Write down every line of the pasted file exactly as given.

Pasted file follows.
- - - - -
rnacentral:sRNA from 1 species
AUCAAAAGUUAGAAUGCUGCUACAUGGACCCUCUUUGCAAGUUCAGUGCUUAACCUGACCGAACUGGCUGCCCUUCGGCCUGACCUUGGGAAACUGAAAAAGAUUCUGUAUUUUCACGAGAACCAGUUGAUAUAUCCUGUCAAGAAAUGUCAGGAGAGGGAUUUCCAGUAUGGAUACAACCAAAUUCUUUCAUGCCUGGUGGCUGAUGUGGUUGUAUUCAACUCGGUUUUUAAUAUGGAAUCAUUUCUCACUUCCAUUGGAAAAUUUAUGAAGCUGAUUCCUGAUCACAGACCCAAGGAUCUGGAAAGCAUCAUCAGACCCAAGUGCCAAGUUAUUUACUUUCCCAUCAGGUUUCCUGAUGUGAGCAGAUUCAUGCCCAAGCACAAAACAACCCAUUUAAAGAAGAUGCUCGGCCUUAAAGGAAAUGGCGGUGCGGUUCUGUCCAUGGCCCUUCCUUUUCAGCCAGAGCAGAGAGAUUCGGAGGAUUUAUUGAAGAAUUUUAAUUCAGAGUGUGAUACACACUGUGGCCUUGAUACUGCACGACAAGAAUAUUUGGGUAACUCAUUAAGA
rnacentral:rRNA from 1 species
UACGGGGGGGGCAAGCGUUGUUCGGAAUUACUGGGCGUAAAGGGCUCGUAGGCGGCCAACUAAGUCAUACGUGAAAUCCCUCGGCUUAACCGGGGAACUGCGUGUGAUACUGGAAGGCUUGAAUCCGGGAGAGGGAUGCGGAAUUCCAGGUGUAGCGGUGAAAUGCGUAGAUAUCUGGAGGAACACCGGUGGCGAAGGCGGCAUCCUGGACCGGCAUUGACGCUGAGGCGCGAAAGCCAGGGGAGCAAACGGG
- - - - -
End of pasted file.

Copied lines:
rnacentral:sRNA from 1 species
AUCAAAAGUUAGAAUGCUGCUACAUGGACCCUCUUUGCAAGUUCAGUGCUUAACCUGACCGAACUGGCUGCCCUUCGGCCUGACCUUGGGAAACUGAAAAAGAUUCUGUAUUUUCACGAGAACCAGUUGAUAUAUCCUGUCAAGAAAUGUCAGGAGAGGGAUUUCCAGUAUGGAUACAACCAAAUUCUUUCAUGCCUGGUGGCUGAUGUGGUUGUAUUCAACUCGGUUUUUAAUAUGGAAUCAUUUCUCACUUCCAUUGGAAAAUUUAUGAAGCUGAUUCCUGAUCACAGACCCAAGGAUCUGGAAAGCAUCAUCAGACCCAAGUGCCAAGUUAUUUACUUUCCCAUCAGGUUUCCUGAUGUGAGCAGAUUCAUGCCCAAGCACAAAACAACCCAUUUAAAGAAGAUGCUCGGCCUUAAAGGAAAUGGCGGUGCGGUUCUGUCCAUGGCCCUUCCUUUUCAGCCAGAGCAGAGAGAUUCGGAGGAUUUAUUGAAGAAUUUUAAUUCAGAGUGUGAUACACACUGUGGCCUUGAUACUGCACGACAAGAAUAUUUGGGUAACUCAUUAAGA
rnacentral:rRNA from 1 species
UACGGGGGGGGCAAGCGUUGUUCGGAAUUACUGGGCGUAAAGGGCUCGUAGGCGGCCAACUAAGUCAUACGUGAAAUCCCUCGGCUUAACCGGGGAACUGCGUGUGAUACUGGAAGGCUUGAAUCCGGGAGAGGGAUGCGGAAUUCCAGGUGUAGCGGUGAAAUGCGUAGAUAUCUGGAGGAACACCGGUGGCGAAGGCGGCAUCCUGGACCGGCAUUGACGCUGAGGCGCGAAAGCCAGGGGAGCAAACGGG